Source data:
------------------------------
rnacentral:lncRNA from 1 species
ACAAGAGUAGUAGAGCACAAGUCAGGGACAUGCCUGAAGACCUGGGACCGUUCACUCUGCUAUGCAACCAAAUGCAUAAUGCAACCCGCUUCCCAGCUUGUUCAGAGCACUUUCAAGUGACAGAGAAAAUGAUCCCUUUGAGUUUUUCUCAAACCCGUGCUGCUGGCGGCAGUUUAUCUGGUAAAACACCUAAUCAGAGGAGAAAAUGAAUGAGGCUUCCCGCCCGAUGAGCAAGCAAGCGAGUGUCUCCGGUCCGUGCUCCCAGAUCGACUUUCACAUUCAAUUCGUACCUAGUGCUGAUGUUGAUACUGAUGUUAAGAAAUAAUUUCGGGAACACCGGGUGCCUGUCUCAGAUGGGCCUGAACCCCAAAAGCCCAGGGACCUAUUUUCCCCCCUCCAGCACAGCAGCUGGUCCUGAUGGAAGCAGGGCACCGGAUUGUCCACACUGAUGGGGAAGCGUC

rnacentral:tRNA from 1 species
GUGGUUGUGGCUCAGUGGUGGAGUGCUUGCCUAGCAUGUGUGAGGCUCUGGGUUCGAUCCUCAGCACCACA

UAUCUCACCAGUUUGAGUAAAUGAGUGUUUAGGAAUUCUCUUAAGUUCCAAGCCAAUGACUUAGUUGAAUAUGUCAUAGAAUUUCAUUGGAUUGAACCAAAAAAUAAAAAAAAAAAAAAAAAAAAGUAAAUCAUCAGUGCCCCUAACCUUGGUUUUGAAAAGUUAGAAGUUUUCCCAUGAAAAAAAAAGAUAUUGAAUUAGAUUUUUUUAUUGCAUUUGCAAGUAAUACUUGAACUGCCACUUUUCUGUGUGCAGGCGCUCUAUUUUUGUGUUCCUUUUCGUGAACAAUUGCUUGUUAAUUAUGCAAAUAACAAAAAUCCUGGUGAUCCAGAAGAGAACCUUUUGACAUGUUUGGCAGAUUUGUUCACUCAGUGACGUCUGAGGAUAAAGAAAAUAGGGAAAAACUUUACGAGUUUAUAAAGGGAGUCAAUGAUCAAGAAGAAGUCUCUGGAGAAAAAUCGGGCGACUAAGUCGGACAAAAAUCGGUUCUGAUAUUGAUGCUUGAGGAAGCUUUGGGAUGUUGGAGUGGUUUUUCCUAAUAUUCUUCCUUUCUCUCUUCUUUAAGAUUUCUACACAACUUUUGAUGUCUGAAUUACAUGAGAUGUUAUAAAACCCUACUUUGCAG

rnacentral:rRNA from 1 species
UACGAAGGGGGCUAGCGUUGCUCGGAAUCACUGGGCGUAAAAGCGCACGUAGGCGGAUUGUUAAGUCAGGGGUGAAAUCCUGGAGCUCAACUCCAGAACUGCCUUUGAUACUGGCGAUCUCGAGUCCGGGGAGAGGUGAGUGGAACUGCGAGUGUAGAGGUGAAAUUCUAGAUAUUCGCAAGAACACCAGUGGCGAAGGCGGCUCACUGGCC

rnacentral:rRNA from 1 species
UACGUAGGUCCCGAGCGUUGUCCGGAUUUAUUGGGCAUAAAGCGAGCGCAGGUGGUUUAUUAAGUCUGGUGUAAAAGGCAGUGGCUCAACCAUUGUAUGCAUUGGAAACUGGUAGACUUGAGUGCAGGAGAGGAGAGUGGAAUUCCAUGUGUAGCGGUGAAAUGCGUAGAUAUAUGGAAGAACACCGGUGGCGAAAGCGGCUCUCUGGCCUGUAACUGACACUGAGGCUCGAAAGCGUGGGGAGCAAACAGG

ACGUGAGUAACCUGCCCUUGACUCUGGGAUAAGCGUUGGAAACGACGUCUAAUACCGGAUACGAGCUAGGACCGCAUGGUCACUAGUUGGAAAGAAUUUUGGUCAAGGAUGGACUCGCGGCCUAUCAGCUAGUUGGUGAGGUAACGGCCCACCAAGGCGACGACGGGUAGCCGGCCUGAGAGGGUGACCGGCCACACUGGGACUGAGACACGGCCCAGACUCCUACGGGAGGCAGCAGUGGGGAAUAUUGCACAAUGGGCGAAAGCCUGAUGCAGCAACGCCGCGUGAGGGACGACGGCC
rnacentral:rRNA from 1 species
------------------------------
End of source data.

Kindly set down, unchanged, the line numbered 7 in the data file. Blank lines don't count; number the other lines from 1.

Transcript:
UACGAAGGGGGCUAGCGUUGCUCGGAAUCACUGGGCGUAAAAGCGCACGUAGGCGGAUUGUUAAGUCAGGGGUGAAAUCCUGGAGCUCAACUCCAGAACUGCCUUUGAUACUGGCGAUCUCGAGUCCGGGGAGAGGUGAGUGGAACUGCGAGUGUAGAGGUGAAAUUCUAGAUAUUCGCAAGAACACCAGUGGCGAAGGCGGCUCACUGGCC